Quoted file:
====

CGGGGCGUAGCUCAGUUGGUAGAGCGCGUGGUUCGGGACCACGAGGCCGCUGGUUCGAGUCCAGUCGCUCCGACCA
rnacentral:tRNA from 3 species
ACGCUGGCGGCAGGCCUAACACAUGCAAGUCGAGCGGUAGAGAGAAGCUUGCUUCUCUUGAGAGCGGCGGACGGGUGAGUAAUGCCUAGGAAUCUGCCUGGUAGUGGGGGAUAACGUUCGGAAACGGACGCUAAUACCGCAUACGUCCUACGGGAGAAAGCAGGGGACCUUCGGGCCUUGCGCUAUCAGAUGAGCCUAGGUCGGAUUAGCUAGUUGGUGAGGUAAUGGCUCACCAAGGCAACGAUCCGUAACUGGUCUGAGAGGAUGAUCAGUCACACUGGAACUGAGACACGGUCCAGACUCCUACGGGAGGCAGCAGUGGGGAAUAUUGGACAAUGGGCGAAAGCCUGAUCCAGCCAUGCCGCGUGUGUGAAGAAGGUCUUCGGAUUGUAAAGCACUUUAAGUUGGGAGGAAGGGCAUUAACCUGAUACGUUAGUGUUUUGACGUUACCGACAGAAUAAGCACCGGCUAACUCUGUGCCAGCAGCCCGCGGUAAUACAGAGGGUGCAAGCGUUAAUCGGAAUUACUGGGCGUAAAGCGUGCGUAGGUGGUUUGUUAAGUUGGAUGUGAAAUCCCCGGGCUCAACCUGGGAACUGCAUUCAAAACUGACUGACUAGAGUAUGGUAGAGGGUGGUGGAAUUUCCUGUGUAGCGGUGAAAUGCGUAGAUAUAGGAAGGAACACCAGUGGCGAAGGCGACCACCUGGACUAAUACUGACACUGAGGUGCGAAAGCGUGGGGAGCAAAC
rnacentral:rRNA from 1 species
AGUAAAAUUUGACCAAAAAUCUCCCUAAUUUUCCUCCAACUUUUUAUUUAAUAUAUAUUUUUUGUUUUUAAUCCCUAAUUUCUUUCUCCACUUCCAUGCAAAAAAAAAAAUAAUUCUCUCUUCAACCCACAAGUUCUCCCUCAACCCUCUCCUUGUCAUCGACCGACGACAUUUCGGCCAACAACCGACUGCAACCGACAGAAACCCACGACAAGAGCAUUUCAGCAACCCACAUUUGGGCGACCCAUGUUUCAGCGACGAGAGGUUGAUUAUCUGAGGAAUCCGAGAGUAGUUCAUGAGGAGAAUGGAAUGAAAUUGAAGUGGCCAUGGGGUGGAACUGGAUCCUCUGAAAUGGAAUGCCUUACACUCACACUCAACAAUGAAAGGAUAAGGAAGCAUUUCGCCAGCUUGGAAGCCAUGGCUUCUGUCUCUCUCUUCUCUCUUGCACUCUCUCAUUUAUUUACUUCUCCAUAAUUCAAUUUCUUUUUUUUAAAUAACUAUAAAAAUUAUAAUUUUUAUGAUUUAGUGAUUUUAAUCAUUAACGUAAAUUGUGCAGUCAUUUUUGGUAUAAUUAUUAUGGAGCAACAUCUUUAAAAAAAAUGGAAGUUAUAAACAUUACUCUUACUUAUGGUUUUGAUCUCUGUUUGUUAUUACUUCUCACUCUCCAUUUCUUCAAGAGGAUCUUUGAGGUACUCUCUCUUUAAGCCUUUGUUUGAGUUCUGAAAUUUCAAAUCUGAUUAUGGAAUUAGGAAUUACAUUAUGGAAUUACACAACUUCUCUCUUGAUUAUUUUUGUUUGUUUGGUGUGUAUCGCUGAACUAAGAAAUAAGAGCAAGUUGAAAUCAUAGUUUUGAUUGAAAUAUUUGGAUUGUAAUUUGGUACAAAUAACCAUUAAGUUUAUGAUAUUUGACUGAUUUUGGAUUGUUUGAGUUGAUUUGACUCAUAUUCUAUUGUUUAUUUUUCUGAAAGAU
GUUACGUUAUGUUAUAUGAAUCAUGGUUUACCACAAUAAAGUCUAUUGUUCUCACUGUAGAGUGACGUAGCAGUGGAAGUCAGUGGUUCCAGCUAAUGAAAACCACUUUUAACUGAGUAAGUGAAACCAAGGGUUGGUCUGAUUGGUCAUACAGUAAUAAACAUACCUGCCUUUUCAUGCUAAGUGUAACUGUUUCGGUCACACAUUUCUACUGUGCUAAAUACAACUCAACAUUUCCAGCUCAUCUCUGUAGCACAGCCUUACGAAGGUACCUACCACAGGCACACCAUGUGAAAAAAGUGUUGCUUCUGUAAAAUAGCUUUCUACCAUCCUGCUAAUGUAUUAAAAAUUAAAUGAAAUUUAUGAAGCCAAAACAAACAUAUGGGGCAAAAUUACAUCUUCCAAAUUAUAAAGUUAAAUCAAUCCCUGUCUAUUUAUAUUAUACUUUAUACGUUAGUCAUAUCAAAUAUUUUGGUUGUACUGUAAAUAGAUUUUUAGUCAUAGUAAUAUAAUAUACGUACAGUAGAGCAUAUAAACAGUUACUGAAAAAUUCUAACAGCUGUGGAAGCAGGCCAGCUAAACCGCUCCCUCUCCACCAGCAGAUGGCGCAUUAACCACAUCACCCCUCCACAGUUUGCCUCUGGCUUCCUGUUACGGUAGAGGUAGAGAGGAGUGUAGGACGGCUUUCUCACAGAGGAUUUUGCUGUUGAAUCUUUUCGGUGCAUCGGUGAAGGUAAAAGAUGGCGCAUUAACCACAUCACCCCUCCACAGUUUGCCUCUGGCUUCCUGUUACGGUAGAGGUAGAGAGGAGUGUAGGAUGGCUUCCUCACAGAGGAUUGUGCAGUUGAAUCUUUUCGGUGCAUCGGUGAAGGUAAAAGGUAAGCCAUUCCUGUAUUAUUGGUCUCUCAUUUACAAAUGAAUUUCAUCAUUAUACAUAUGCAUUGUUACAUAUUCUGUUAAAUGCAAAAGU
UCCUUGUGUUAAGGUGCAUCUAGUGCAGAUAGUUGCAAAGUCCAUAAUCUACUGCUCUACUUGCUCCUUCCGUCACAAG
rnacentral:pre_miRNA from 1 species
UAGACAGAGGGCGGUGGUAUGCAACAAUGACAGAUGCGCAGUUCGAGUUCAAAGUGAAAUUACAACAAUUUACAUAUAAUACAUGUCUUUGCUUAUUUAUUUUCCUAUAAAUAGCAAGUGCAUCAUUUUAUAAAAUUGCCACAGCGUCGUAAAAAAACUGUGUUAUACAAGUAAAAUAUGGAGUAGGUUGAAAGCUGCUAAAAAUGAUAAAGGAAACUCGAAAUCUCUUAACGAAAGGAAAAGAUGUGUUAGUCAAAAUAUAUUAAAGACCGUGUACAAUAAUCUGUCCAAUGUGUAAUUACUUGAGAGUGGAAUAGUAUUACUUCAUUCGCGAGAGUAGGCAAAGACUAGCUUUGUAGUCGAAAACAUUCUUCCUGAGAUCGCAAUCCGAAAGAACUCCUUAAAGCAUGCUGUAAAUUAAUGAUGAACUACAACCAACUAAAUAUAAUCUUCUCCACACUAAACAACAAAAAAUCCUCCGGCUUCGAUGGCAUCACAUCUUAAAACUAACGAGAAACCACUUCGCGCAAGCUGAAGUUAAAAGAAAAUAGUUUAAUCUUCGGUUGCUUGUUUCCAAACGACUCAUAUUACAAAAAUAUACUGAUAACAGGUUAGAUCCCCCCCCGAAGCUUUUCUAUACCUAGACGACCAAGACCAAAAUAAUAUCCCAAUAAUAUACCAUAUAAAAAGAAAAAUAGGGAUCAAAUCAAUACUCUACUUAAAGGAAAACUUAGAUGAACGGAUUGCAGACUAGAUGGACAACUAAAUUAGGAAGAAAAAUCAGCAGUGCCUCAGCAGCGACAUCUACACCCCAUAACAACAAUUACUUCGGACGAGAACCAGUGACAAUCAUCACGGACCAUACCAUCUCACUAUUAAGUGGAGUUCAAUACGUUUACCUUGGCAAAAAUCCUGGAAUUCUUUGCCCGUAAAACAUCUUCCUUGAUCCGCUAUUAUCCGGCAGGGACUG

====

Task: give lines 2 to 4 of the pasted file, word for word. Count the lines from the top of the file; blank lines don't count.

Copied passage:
rnacentral:tRNA from 3 species
ACGCUGGCGGCAGGCCUAACACAUGCAAGUCGAGCGGUAGAGAGAAGCUUGCUUCUCUUGAGAGCGGCGGACGGGUGAGUAAUGCCUAGGAAUCUGCCUGGUAGUGGGGGAUAACGUUCGGAAACGGACGCUAAUACCGCAUACGUCCUACGGGAGAAAGCAGGGGACCUUCGGGCCUUGCGCUAUCAGAUGAGCCUAGGUCGGAUUAGCUAGUUGGUGAGGUAAUGGCUCACCAAGGCAACGAUCCGUAACUGGUCUGAGAGGAUGAUCAGUCACACUGGAACUGAGACACGGUCCAGACUCCUACGGGAGGCAGCAGUGGGGAAUAUUGGACAAUGGGCGAAAGCCUGAUCCAGCCAUGCCGCGUGUGUGAAGAAGGUCUUCGGAUUGUAAAGCACUUUAAGUUGGGAGGAAGGGCAUUAACCUGAUACGUUAGUGUUUUGACGUUACCGACAGAAUAAGCACCGGCUAACUCUGUGCCAGCAGCCCGCGGUAAUACAGAGGGUGCAAGCGUUAAUCGGAAUUACUGGGCGUAAAGCGUGCGUAGGUGGUUUGUUAAGUUGGAUGUGAAAUCCCCGGGCUCAACCUGGGAACUGCAUUCAAAACUGACUGACUAGAGUAUGGUAGAGGGUGGUGGAAUUUCCUGUGUAGCGGUGAAAUGCGUAGAUAUAGGAAGGAACACCAGUGGCGAAGGCGACCACCUGGACUAAUACUGACACUGAGGUGCGAAAGCGUGGGGAGCAAAC
rnacentral:rRNA from 1 species